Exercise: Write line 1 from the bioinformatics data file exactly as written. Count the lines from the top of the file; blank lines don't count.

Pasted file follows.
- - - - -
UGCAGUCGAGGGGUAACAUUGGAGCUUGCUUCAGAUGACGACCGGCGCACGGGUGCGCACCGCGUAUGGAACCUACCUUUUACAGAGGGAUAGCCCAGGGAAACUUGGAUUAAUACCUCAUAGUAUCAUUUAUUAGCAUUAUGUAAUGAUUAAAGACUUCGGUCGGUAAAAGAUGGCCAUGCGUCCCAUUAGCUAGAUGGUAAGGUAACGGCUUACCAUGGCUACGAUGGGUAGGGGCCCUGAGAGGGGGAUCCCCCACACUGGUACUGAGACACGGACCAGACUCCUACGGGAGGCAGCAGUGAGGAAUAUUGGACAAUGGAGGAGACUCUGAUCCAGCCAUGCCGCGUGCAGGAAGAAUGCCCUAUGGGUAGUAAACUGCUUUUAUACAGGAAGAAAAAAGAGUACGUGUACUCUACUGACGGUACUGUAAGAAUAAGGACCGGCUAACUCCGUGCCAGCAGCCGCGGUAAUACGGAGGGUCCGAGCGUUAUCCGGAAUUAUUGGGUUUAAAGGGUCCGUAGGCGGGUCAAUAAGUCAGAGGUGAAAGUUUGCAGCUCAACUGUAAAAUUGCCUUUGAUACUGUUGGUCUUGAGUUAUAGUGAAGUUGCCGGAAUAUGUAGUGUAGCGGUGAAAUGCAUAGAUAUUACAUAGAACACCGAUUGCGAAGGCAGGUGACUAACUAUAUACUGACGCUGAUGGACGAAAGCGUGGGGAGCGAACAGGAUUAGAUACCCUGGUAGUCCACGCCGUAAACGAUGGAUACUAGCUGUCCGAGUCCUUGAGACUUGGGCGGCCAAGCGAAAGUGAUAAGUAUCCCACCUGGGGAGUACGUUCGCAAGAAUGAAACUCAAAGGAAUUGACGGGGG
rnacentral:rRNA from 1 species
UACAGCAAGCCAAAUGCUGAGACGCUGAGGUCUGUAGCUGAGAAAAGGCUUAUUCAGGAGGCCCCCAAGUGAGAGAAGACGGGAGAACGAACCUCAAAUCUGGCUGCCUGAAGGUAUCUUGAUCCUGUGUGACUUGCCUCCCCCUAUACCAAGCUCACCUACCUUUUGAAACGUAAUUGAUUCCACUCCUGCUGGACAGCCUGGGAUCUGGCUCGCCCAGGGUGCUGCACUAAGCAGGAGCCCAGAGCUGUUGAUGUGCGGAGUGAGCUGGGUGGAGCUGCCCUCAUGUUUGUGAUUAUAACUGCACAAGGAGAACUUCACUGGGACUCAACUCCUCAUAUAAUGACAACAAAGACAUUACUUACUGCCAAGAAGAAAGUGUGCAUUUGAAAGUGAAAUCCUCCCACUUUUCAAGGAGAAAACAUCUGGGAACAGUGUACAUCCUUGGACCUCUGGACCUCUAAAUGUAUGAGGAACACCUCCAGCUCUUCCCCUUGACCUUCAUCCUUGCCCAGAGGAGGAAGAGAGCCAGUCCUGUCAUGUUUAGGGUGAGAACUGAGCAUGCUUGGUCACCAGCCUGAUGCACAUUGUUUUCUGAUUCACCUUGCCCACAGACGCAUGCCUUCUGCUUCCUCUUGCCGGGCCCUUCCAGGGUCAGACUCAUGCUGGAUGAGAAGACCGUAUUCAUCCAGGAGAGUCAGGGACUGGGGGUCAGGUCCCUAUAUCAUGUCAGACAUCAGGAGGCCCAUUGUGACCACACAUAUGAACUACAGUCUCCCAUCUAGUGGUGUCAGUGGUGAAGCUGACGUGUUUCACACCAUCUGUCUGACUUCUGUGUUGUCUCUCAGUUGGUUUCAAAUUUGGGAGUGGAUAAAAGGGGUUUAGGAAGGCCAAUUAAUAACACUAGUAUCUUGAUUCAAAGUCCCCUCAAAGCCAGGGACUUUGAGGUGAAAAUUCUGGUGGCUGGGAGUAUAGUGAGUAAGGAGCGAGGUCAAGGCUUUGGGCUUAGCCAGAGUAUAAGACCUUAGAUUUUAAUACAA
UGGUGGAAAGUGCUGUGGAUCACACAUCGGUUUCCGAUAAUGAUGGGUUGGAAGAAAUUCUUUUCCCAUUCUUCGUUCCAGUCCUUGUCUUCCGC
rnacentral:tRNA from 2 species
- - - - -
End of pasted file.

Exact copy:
UGCAGUCGAGGGGUAACAUUGGAGCUUGCUUCAGAUGACGACCGGCGCACGGGUGCGCACCGCGUAUGGAACCUACCUUUUACAGAGGGAUAGCCCAGGGAAACUUGGAUUAAUACCUCAUAGUAUCAUUUAUUAGCAUUAUGUAAUGAUUAAAGACUUCGGUCGGUAAAAGAUGGCCAUGCGUCCCAUUAGCUAGAUGGUAAGGUAACGGCUUACCAUGGCUACGAUGGGUAGGGGCCCUGAGAGGGGGAUCCCCCACACUGGUACUGAGACACGGACCAGACUCCUACGGGAGGCAGCAGUGAGGAAUAUUGGACAAUGGAGGAGACUCUGAUCCAGCCAUGCCGCGUGCAGGAAGAAUGCCCUAUGGGUAGUAAACUGCUUUUAUACAGGAAGAAAAAAGAGUACGUGUACUCUACUGACGGUACUGUAAGAAUAAGGACCGGCUAACUCCGUGCCAGCAGCCGCGGUAAUACGGAGGGUCCGAGCGUUAUCCGGAAUUAUUGGGUUUAAAGGGUCCGUAGGCGGGUCAAUAAGUCAGAGGUGAAAGUUUGCAGCUCAACUGUAAAAUUGCCUUUGAUACUGUUGGUCUUGAGUUAUAGUGAAGUUGCCGGAAUAUGUAGUGUAGCGGUGAAAUGCAUAGAUAUUACAUAGAACACCGAUUGCGAAGGCAGGUGACUAACUAUAUACUGACGCUGAUGGACGAAAGCGUGGGGAGCGAACAGGAUUAGAUACCCUGGUAGUCCACGCCGUAAACGAUGGAUACUAGCUGUCCGAGUCCUUGAGACUUGGGCGGCCAAGCGAAAGUGAUAAGUAUCCCACCUGGGGAGUACGUUCGCAAGAAUGAAACUCAAAGGAAUUGACGGGGG